Canada says NORAD tracking high-altitude surveillance balloon detected over the U.S.
OTTAWA – The Department of National Defence says Canada is working with the United States to protect sensitive information from foreign intelligence threats after a high-altitude surveillance balloon was detected.
The U.S. says it is tracking a suspected Chinese surveillance balloon that has been spotted over U.S. airspace for a few days.
The Pentagon says it decided not to shoot it down over concerns of hurting people on the ground.
The Department of National Defence and the Canadian Armed Forces issued a joint statement Thursday night that says the balloon’s movements were being actively tracked by the North American Aerospace Defence Command.
The statement doesn’t mention China or state whether the surveillance balloon flew over Canadian airspace.
It says Canadians are safe and that Canada is taking steps to ensure the security of its airspace, including the monitoring of a potential second incident.
“NORAD, the Canadian Armed Forces, the Department of National Defence, and other partners have been assessing the situation and working in close coordination,” says the statement.
“Canada’s intelligence agencies are working with American partners and continue to take all necessary measures to safeguard Canada’s sensitive information from foreign intelligence threats.”
A senior U.S. defence official said the U.S. has “very high confidence” it is a Chinese high-altitude balloon, and said it was flying over sensitive sites to collect information.
One of the places the balloon was spotted was Montana, which is home to one of the nation’s three nuclear missile silo fields at Malmstrom Air Force Base. The official spoke on condition of anonymity to discuss sensitive information.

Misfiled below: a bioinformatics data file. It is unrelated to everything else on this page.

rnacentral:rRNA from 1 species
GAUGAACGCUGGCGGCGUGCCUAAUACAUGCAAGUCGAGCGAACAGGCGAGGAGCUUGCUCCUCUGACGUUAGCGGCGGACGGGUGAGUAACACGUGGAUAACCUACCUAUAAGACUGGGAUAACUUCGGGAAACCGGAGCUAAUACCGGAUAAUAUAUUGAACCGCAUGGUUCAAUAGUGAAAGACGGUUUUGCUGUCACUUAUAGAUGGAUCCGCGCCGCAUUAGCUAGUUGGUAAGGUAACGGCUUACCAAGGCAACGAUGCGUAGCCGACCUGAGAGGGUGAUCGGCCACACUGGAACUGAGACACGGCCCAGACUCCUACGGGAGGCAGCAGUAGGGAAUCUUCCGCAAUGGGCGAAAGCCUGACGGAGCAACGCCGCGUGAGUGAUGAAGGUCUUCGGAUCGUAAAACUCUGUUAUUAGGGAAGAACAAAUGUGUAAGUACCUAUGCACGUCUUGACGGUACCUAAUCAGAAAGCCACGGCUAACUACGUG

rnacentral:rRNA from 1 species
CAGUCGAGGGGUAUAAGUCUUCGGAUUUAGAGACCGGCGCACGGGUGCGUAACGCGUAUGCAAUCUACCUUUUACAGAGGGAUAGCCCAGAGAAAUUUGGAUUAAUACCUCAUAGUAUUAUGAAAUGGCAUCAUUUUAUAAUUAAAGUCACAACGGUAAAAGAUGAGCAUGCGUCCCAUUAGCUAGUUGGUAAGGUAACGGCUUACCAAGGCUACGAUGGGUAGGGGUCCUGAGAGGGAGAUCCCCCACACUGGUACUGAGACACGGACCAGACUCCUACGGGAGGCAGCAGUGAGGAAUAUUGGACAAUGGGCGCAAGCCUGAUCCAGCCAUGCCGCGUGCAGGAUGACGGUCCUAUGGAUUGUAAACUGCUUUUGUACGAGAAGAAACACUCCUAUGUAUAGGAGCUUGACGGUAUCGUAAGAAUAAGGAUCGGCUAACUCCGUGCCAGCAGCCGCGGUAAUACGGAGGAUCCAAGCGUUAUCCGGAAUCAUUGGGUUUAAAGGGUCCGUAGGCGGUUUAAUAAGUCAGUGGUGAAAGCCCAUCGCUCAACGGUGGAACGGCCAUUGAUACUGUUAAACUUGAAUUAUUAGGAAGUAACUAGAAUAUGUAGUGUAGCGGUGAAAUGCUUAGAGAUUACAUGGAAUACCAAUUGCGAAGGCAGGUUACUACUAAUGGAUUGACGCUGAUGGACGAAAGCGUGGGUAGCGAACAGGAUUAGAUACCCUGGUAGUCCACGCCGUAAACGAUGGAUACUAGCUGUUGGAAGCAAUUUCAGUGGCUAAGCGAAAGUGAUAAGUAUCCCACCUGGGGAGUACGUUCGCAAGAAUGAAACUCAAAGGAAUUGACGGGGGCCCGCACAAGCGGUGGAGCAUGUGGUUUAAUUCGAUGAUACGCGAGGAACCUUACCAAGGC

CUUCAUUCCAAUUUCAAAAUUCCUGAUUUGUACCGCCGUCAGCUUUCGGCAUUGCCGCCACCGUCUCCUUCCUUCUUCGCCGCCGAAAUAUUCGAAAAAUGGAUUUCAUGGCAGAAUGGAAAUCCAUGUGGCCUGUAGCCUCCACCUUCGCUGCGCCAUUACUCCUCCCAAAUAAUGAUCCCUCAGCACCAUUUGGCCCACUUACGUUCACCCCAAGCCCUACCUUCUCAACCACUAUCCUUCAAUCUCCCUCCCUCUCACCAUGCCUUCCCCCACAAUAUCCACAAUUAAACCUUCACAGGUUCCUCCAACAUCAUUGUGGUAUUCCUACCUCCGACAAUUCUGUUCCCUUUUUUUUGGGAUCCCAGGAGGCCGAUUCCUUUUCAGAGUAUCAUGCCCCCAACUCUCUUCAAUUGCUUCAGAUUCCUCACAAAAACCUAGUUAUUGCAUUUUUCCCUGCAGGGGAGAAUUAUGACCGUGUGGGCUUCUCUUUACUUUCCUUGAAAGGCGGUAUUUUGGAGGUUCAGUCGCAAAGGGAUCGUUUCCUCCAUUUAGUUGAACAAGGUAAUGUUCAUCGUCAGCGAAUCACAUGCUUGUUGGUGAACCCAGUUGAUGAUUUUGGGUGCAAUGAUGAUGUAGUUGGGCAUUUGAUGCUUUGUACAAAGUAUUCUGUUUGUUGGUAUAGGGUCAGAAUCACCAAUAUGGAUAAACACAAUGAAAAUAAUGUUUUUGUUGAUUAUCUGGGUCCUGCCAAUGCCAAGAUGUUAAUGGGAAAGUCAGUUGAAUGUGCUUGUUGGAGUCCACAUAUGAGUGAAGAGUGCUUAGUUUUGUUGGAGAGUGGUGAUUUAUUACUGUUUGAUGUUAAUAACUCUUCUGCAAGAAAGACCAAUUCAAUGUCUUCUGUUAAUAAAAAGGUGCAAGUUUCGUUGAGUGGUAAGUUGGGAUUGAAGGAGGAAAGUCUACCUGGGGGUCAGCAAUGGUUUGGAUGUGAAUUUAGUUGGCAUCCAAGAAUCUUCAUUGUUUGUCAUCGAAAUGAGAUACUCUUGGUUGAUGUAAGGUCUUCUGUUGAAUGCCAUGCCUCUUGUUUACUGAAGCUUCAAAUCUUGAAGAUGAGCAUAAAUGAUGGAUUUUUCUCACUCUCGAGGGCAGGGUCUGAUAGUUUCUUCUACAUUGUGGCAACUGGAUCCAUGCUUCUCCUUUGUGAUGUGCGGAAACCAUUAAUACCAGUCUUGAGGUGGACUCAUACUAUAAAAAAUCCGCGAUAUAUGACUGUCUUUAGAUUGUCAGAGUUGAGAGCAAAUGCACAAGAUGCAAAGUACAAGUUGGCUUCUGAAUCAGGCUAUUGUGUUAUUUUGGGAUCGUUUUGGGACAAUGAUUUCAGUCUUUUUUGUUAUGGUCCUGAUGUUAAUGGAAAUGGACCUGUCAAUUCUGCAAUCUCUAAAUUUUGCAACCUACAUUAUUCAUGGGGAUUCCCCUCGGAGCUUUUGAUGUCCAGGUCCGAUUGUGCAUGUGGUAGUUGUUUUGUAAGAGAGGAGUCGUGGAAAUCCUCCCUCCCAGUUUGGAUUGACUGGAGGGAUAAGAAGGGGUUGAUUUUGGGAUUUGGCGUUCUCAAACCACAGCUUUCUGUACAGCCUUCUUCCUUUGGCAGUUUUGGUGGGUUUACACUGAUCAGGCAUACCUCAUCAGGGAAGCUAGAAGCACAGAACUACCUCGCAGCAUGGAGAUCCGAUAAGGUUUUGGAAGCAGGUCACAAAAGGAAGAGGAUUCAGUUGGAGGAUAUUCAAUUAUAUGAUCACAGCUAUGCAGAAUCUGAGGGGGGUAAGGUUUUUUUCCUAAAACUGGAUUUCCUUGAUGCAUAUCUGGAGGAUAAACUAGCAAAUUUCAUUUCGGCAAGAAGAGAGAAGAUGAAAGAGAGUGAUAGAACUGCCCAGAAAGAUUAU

Brig. Gen. Patrick Ryder, Pentagon press secretary, provided a brief statement, saying the government continues to track the balloon. He said it is “currently traveling at an altitude well above commercial air traffic and does not present a military or physical threat to people on the ground.”
He said similar balloon activity has been seen in the past several years. He added that the U.S. took steps to ensure it did not collect sensitive information.
A senior administration official, who was also not authorized to publicly discuss sensitive information, said President Joe Biden was briefed and asked the military to present options.
Defense Secretary Lloyd Austin and Army Gen. Mark Milley, chairman of the Joint Chiefs of Staff, advised against taking “kinetic action” because of risks to the safety of people on the ground. Biden accepted that recommendation.
The defense official said the U.S. has “engaged” Chinese officials through multiple channels and communicated the seriousness of the matter.
The senior defense official said the U.S. did get fighter jets, including F-22s, ready to shoot down the balloon if ordered to by the White House. The Pentagon ultimately recommended against it, noting that even as the balloon was over a sparsely populated area of Montana, its size would create a debris field large enough that it could have put people at risk.
It was not clear what the military was doing to prevent it from collecting sensitive information or what will happen with the balloon if it isn’t shot down.
The surveillance balloon was first reported by NBC News.
Some Montana residents reported seeing an unusual object in the sky around the time of the airport shutdown Wednesday, but it’s not clear that what they were seeing was the balloon.
From an office window in Billings, Chase Doak said he saw a “big white circle in the sky” that he said was too small to be the moon.
He took some photos, then ran home to get a camera with a stronger lens and took more photos and video. He could see it for about 45 minutes and it appeared stationary, but Doak said the video suggested it was slowly moving.
“I thought maybe it was a legitimate UFO,” he said. “So I wanted to make sure I documented it and took as many photos as I could.“
— With files from the Associated Press
This report by The Canadian Press was first published Feb. 2, 2023.
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